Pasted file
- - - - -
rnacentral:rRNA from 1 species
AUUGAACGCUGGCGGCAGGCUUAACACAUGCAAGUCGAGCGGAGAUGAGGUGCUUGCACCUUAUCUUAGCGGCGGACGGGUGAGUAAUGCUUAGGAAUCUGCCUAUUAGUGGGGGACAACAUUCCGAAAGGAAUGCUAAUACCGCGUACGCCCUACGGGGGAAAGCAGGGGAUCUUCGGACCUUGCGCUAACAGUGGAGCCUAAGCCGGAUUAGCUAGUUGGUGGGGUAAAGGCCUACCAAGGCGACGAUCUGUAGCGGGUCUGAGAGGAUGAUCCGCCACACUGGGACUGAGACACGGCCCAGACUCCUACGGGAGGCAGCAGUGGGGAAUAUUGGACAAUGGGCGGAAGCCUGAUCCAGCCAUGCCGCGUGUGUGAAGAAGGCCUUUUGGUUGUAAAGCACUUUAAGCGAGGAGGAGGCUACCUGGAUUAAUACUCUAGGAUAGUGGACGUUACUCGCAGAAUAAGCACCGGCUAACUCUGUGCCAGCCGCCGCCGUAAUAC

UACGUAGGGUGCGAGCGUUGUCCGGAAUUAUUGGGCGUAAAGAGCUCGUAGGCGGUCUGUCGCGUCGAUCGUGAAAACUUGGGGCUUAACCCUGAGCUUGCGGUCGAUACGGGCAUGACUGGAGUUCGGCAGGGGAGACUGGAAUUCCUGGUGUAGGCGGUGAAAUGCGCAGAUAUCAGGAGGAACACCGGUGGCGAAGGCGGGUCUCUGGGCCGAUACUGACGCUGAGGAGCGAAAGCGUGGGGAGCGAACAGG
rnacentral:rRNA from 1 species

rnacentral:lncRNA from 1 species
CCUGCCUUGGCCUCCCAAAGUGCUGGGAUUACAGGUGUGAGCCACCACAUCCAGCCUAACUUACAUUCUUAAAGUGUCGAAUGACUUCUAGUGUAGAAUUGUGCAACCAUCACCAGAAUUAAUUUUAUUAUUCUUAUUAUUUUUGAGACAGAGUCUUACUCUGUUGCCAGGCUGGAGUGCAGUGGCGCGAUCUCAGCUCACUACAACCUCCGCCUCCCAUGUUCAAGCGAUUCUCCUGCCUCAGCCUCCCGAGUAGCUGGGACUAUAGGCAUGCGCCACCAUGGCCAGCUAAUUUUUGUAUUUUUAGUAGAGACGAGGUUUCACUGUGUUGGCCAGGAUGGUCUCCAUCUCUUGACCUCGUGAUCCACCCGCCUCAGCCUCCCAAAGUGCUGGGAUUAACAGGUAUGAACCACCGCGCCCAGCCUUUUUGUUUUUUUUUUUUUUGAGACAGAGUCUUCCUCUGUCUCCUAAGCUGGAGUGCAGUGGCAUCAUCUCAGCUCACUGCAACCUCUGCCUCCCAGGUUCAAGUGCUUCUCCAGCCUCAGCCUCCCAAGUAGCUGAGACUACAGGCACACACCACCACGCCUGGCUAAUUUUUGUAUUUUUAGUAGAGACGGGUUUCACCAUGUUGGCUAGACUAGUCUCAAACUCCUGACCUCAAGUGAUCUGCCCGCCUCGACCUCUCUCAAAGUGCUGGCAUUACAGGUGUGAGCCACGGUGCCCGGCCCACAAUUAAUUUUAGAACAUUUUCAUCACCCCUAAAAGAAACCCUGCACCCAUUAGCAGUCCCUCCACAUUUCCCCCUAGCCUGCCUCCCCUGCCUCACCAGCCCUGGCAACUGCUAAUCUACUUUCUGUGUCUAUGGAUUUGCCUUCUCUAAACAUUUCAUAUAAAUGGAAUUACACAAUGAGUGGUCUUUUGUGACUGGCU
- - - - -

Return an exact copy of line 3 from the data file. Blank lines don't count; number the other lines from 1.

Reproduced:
UACGUAGGGUGCGAGCGUUGUCCGGAAUUAUUGGGCGUAAAGAGCUCGUAGGCGGUCUGUCGCGUCGAUCGUGAAAACUUGGGGCUUAACCCUGAGCUUGCGGUCGAUACGGGCAUGACUGGAGUUCGGCAGGGGAGACUGGAAUUCCUGGUGUAGGCGGUGAAAUGCGCAGAUAUCAGGAGGAACACCGGUGGCGAAGGCGGGUCUCUGGGCCGAUACUGACGCUGAGGAGCGAAAGCGUGGGGAGCGAACAGG